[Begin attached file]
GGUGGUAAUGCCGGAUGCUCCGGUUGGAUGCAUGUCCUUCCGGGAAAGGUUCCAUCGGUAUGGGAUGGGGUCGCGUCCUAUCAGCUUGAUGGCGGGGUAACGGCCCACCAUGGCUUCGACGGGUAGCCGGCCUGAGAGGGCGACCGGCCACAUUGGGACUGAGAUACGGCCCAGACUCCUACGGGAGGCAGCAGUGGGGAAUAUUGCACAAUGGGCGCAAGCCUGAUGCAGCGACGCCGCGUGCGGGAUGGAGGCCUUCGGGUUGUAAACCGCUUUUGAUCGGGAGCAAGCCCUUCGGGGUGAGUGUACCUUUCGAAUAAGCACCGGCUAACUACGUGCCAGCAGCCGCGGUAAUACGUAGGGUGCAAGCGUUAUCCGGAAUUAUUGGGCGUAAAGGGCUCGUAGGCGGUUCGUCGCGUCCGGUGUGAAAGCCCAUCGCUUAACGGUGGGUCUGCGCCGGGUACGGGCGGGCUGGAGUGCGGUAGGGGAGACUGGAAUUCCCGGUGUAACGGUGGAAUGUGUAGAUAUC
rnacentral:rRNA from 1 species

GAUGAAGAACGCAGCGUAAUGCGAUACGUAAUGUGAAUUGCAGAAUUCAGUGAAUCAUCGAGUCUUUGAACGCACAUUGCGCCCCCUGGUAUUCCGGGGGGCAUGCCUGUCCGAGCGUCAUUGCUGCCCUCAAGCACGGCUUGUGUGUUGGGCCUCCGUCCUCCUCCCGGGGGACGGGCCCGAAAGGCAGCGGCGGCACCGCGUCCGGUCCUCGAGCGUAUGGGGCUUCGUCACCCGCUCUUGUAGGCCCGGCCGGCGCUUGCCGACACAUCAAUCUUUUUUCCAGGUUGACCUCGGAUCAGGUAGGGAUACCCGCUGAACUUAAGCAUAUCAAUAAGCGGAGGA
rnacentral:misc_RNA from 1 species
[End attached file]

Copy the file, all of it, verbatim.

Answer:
GGUGGUAAUGCCGGAUGCUCCGGUUGGAUGCAUGUCCUUCCGGGAAAGGUUCCAUCGGUAUGGGAUGGGGUCGCGUCCUAUCAGCUUGAUGGCGGGGUAACGGCCCACCAUGGCUUCGACGGGUAGCCGGCCUGAGAGGGCGACCGGCCACAUUGGGACUGAGAUACGGCCCAGACUCCUACGGGAGGCAGCAGUGGGGAAUAUUGCACAAUGGGCGCAAGCCUGAUGCAGCGACGCCGCGUGCGGGAUGGAGGCCUUCGGGUUGUAAACCGCUUUUGAUCGGGAGCAAGCCCUUCGGGGUGAGUGUACCUUUCGAAUAAGCACCGGCUAACUACGUGCCAGCAGCCGCGGUAAUACGUAGGGUGCAAGCGUUAUCCGGAAUUAUUGGGCGUAAAGGGCUCGUAGGCGGUUCGUCGCGUCCGGUGUGAAAGCCCAUCGCUUAACGGUGGGUCUGCGCCGGGUACGGGCGGGCUGGAGUGCGGUAGGGGAGACUGGAAUUCCCGGUGUAACGGUGGAAUGUGUAGAUAUC
rnacentral:rRNA from 1 species

GAUGAAGAACGCAGCGUAAUGCGAUACGUAAUGUGAAUUGCAGAAUUCAGUGAAUCAUCGAGUCUUUGAACGCACAUUGCGCCCCCUGGUAUUCCGGGGGGCAUGCCUGUCCGAGCGUCAUUGCUGCCCUCAAGCACGGCUUGUGUGUUGGGCCUCCGUCCUCCUCCCGGGGGACGGGCCCGAAAGGCAGCGGCGGCACCGCGUCCGGUCCUCGAGCGUAUGGGGCUUCGUCACCCGCUCUUGUAGGCCCGGCCGGCGCUUGCCGACACAUCAAUCUUUUUUCCAGGUUGACCUCGGAUCAGGUAGGGAUACCCGCUGAACUUAAGCAUAUCAAUAAGCGGAGGA
rnacentral:misc_RNA from 1 species